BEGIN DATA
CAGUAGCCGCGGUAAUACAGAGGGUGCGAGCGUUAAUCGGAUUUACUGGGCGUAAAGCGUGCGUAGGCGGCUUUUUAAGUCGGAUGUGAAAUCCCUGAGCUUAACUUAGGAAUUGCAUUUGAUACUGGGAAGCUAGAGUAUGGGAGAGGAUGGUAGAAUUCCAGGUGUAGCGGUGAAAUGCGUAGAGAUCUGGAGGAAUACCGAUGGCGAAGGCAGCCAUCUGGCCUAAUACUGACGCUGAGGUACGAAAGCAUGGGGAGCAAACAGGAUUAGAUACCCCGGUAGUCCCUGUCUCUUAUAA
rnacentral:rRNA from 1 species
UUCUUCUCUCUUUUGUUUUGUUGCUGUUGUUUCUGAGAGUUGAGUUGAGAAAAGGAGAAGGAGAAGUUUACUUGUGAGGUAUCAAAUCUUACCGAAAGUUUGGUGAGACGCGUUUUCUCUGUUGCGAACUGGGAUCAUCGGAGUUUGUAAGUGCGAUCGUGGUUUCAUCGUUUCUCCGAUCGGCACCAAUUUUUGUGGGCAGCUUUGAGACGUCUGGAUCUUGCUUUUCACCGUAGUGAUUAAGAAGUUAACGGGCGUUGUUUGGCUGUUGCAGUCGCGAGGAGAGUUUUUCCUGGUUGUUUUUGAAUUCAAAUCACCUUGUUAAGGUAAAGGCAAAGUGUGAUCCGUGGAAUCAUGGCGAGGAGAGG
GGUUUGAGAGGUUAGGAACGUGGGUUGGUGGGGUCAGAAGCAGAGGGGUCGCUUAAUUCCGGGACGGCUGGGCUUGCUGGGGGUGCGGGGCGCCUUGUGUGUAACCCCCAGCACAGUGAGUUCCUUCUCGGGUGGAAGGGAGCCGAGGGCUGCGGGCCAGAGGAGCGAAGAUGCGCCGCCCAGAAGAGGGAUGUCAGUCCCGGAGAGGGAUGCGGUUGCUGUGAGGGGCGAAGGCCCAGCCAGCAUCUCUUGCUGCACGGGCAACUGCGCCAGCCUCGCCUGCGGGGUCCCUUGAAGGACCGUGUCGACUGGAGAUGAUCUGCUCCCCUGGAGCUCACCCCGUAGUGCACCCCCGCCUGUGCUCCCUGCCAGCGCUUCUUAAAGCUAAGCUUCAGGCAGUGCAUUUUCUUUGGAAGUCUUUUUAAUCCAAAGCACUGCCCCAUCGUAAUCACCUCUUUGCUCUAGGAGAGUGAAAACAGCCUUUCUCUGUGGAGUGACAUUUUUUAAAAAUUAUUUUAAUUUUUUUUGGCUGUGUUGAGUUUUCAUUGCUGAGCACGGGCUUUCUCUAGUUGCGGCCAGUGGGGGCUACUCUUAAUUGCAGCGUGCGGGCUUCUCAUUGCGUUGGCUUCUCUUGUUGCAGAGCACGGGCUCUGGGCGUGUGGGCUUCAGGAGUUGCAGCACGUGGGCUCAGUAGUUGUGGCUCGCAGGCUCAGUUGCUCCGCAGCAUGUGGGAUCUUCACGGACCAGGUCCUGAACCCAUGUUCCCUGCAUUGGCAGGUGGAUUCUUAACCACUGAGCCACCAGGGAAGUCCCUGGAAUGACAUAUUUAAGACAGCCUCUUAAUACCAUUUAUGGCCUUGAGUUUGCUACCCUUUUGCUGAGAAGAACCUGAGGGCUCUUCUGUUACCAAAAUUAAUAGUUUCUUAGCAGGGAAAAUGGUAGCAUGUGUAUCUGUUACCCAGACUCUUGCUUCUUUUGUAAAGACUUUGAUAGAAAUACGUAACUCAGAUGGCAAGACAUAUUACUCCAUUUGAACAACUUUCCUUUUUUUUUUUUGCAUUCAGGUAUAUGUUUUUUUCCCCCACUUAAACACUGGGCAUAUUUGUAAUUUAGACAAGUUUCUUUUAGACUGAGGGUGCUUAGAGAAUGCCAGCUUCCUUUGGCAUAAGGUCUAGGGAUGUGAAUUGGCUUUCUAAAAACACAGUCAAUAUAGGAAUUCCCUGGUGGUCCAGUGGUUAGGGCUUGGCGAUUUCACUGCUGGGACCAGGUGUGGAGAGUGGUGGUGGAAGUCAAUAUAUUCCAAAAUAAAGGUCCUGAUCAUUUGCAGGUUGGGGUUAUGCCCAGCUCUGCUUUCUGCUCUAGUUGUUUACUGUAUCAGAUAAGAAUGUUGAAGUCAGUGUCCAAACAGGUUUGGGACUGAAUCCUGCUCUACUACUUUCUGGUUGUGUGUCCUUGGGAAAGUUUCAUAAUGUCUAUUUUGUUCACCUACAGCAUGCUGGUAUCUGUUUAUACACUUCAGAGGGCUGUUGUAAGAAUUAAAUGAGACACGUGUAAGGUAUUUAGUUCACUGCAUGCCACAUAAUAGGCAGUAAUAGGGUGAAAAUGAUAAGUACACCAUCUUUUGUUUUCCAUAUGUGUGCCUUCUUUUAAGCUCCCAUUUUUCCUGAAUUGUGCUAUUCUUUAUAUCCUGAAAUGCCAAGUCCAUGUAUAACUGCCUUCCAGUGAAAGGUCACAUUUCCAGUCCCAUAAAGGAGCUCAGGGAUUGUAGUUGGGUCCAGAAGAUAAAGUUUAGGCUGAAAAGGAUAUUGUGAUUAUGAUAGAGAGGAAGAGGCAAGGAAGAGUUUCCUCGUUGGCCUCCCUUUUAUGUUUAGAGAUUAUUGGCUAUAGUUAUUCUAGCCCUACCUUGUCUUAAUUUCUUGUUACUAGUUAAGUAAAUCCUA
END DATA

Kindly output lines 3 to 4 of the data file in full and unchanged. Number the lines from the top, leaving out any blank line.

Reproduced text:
UUCUUCUCUCUUUUGUUUUGUUGCUGUUGUUUCUGAGAGUUGAGUUGAGAAAAGGAGAAGGAGAAGUUUACUUGUGAGGUAUCAAAUCUUACCGAAAGUUUGGUGAGACGCGUUUUCUCUGUUGCGAACUGGGAUCAUCGGAGUUUGUAAGUGCGAUCGUGGUUUCAUCGUUUCUCCGAUCGGCACCAAUUUUUGUGGGCAGCUUUGAGACGUCUGGAUCUUGCUUUUCACCGUAGUGAUUAAGAAGUUAACGGGCGUUGUUUGGCUGUUGCAGUCGCGAGGAGAGUUUUUCCUGGUUGUUUUUGAAUUCAAAUCACCUUGUUAAGGUAAAGGCAAAGUGUGAUCCGUGGAAUCAUGGCGAGGAGAGG
GGUUUGAGAGGUUAGGAACGUGGGUUGGUGGGGUCAGAAGCAGAGGGGUCGCUUAAUUCCGGGACGGCUGGGCUUGCUGGGGGUGCGGGGCGCCUUGUGUGUAACCCCCAGCACAGUGAGUUCCUUCUCGGGUGGAAGGGAGCCGAGGGCUGCGGGCCAGAGGAGCGAAGAUGCGCCGCCCAGAAGAGGGAUGUCAGUCCCGGAGAGGGAUGCGGUUGCUGUGAGGGGCGAAGGCCCAGCCAGCAUCUCUUGCUGCACGGGCAACUGCGCCAGCCUCGCCUGCGGGGUCCCUUGAAGGACCGUGUCGACUGGAGAUGAUCUGCUCCCCUGGAGCUCACCCCGUAGUGCACCCCCGCCUGUGCUCCCUGCCAGCGCUUCUUAAAGCUAAGCUUCAGGCAGUGCAUUUUCUUUGGAAGUCUUUUUAAUCCAAAGCACUGCCCCAUCGUAAUCACCUCUUUGCUCUAGGAGAGUGAAAACAGCCUUUCUCUGUGGAGUGACAUUUUUUAAAAAUUAUUUUAAUUUUUUUUGGCUGUGUUGAGUUUUCAUUGCUGAGCACGGGCUUUCUCUAGUUGCGGCCAGUGGGGGCUACUCUUAAUUGCAGCGUGCGGGCUUCUCAUUGCGUUGGCUUCUCUUGUUGCAGAGCACGGGCUCUGGGCGUGUGGGCUUCAGGAGUUGCAGCACGUGGGCUCAGUAGUUGUGGCUCGCAGGCUCAGUUGCUCCGCAGCAUGUGGGAUCUUCACGGACCAGGUCCUGAACCCAUGUUCCCUGCAUUGGCAGGUGGAUUCUUAACCACUGAGCCACCAGGGAAGUCCCUGGAAUGACAUAUUUAAGACAGCCUCUUAAUACCAUUUAUGGCCUUGAGUUUGCUACCCUUUUGCUGAGAAGAACCUGAGGGCUCUUCUGUUACCAAAAUUAAUAGUUUCUUAGCAGGGAAAAUGGUAGCAUGUGUAUCUGUUACCCAGACUCUUGCUUCUUUUGUAAAGACUUUGAUAGAAAUACGUAACUCAGAUGGCAAGACAUAUUACUCCAUUUGAACAACUUUCCUUUUUUUUUUUUGCAUUCAGGUAUAUGUUUUUUUCCCCCACUUAAACACUGGGCAUAUUUGUAAUUUAGACAAGUUUCUUUUAGACUGAGGGUGCUUAGAGAAUGCCAGCUUCCUUUGGCAUAAGGUCUAGGGAUGUGAAUUGGCUUUCUAAAAACACAGUCAAUAUAGGAAUUCCCUGGUGGUCCAGUGGUUAGGGCUUGGCGAUUUCACUGCUGGGACCAGGUGUGGAGAGUGGUGGUGGAAGUCAAUAUAUUCCAAAAUAAAGGUCCUGAUCAUUUGCAGGUUGGGGUUAUGCCCAGCUCUGCUUUCUGCUCUAGUUGUUUACUGUAUCAGAUAAGAAUGUUGAAGUCAGUGUCCAAACAGGUUUGGGACUGAAUCCUGCUCUACUACUUUCUGGUUGUGUGUCCUUGGGAAAGUUUCAUAAUGUCUAUUUUGUUCACCUACAGCAUGCUGGUAUCUGUUUAUACACUUCAGAGGGCUGUUGUAAGAAUUAAAUGAGACACGUGUAAGGUAUUUAGUUCACUGCAUGCCACAUAAUAGGCAGUAAUAGGGUGAAAAUGAUAAGUACACCAUCUUUUGUUUUCCAUAUGUGUGCCUUCUUUUAAGCUCCCAUUUUUCCUGAAUUGUGCUAUUCUUUAUAUCCUGAAAUGCCAAGUCCAUGUAUAACUGCCUUCCAGUGAAAGGUCACAUUUCCAGUCCCAUAAAGGAGCUCAGGGAUUGUAGUUGGGUCCAGAAGAUAAAGUUUAGGCUGAAAAGGAUAUUGUGAUUAUGAUAGAGAGGAAGAGGCAAGGAAGAGUUUCCUCGUUGGCCUCCCUUUUAUGUUUAGAGAUUAUUGGCUAUAGUUAUUCUAGCCCUACCUUGUCUUAAUUUCUUGUUACUAGUUAAGUAAAUCCUA